Space and Stellar Colonization


Credit to NASA

One of the major environmental concerns of our time is the increasing consumption of Earth's resources to sustain our way of life. As more and more nations make the climb up from agricultural to industrial nations, their standard of life will improve, which will mean that more and more people will be competing for the same resources. While NASA spinoffs and other inventions can allow us to be more thrifty with Earth's resources, we nevertheless must come to grips with the problem that humanity is currently limited to one planet.

Space colonies could be the answer to this problem, if we can solve the medical problems posed by microgravity (also called weightlessness) and the high levels of radiation to which the astronauts would be exposed after leaving the protection of the Earth's atmosphere. The colonists would mine the Moon and the minor planets and build beamed power satellites that would supplement or even replace power plants on the Earth. The colonists could also take advantage of the plentiful raw materials, unlimited solar power, vaccuum, and microgravity in other ways to create products that we cannot while inside the cocoon of Earth's atmosphere and gravity. In addition to potentially replacing our current Earth-polluting industries, these colonies may also help our environment in other ways. Since the colonists would inhabit completely isolated manmade environments, they would refine our knowledge of the Earth's ecology.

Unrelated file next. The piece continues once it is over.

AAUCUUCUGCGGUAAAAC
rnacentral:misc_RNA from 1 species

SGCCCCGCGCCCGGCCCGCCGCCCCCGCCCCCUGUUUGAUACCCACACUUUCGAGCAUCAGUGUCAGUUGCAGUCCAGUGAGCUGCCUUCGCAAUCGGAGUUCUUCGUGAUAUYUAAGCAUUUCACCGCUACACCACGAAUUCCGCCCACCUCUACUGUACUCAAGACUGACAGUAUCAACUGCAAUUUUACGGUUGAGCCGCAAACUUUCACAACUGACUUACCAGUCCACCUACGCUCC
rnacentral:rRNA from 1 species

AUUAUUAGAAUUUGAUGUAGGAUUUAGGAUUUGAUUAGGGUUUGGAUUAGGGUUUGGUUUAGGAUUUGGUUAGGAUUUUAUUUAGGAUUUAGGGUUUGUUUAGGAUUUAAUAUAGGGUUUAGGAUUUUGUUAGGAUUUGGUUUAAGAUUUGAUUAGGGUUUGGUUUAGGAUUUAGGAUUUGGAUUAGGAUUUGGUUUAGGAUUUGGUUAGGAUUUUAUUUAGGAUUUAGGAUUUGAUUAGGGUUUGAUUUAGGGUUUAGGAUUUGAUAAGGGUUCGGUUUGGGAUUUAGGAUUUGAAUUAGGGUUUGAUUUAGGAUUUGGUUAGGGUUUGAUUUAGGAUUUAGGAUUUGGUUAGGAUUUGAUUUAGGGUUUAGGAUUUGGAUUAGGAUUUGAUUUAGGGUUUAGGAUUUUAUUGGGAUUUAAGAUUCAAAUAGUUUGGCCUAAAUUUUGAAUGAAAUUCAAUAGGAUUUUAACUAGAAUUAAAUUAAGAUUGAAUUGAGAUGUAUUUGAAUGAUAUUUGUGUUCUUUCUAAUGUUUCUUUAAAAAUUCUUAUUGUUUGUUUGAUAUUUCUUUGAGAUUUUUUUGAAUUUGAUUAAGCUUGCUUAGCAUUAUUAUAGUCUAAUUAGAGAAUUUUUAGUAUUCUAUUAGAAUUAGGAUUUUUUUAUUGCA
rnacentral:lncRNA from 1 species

This vision, which was purely science fiction for years and years, caught the imagination of the public in the Seventies, leading to the establishment of the organization known today as the National Space Society. You may also find useful resources in our pages on the International Space Station, Asteroids, Comets, Meteors, and Near-Earth Objects, The Future of Space Exploration, and Nuclear Power in Outer Space.


Credit to Futurism